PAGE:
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Generalizations in the Law

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Fact-finding and generalisations

How are generalisations used in legal fact-finding? To find out, a study explored different types of generalisations from sample supreme court scenarios to find out.

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When it comes to legal fact-finding, generalisations are often used either as forms of evidence or as support for inferences. These generalisations can be confusing and/or raise strong objections. GENERALIZATIONS (Generalizations in the law) is an EU-funded project that designed a way to help distinguish between acceptable and objectionable generalisations. The account is grounded on the view that a generalisation is objectionable when a legal fact-finder is necessary to presuppose that an individual's behaviour was determined by a certain causal factor which renders her behaviour unfree. For example, using the high rate of crimes involving illegal firearms in a certain neighbourhood to support the conviction of an individual resident in a crime involving an illegal firearm seems highly objectionable. A bottom-up approach was followed, whereby specific issues were researched to determine facts about a specific individual. Causation and consent were the focus. A paper has been published on a case study of using quantitative generalisations to prove material fact of causation in court. The research was extended to include racial profiling and the difference between coercion and deception in sexual relations. New contacts have been created with European and Israeli scholars and institutes.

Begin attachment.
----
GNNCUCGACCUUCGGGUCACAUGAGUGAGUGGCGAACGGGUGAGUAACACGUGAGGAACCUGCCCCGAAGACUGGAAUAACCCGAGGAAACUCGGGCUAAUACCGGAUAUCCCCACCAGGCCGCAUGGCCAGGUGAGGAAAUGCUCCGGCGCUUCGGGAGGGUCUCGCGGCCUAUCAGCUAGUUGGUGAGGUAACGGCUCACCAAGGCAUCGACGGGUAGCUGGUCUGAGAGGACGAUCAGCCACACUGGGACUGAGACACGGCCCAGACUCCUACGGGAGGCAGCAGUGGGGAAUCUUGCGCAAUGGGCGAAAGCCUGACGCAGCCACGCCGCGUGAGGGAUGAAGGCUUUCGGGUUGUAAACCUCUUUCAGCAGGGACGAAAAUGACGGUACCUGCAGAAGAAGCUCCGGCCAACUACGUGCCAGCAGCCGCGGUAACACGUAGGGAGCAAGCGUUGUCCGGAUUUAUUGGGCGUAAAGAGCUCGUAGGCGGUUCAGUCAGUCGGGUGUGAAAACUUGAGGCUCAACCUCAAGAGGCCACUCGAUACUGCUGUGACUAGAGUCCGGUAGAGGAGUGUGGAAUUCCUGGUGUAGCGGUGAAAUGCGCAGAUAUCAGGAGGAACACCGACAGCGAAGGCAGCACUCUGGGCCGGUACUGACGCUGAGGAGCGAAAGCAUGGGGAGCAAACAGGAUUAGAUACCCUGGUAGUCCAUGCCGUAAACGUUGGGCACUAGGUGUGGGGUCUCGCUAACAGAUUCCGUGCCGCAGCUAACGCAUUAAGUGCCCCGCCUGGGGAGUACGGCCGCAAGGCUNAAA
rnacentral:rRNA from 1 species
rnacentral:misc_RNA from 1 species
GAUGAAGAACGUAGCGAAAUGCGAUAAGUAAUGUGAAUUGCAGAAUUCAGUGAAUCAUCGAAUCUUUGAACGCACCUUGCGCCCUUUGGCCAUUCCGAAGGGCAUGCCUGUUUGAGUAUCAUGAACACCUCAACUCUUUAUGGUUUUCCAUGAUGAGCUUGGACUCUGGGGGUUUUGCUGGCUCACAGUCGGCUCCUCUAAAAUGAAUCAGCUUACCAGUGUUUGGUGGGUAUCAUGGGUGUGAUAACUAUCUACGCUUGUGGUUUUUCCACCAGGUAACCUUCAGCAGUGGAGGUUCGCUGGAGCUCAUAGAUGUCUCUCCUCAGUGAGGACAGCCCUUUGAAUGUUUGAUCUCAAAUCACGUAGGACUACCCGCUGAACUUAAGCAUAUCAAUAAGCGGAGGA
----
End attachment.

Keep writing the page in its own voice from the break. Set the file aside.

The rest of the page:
Keywords

Generalisation, legal fact-finding, evidence, moral autonomy, causation

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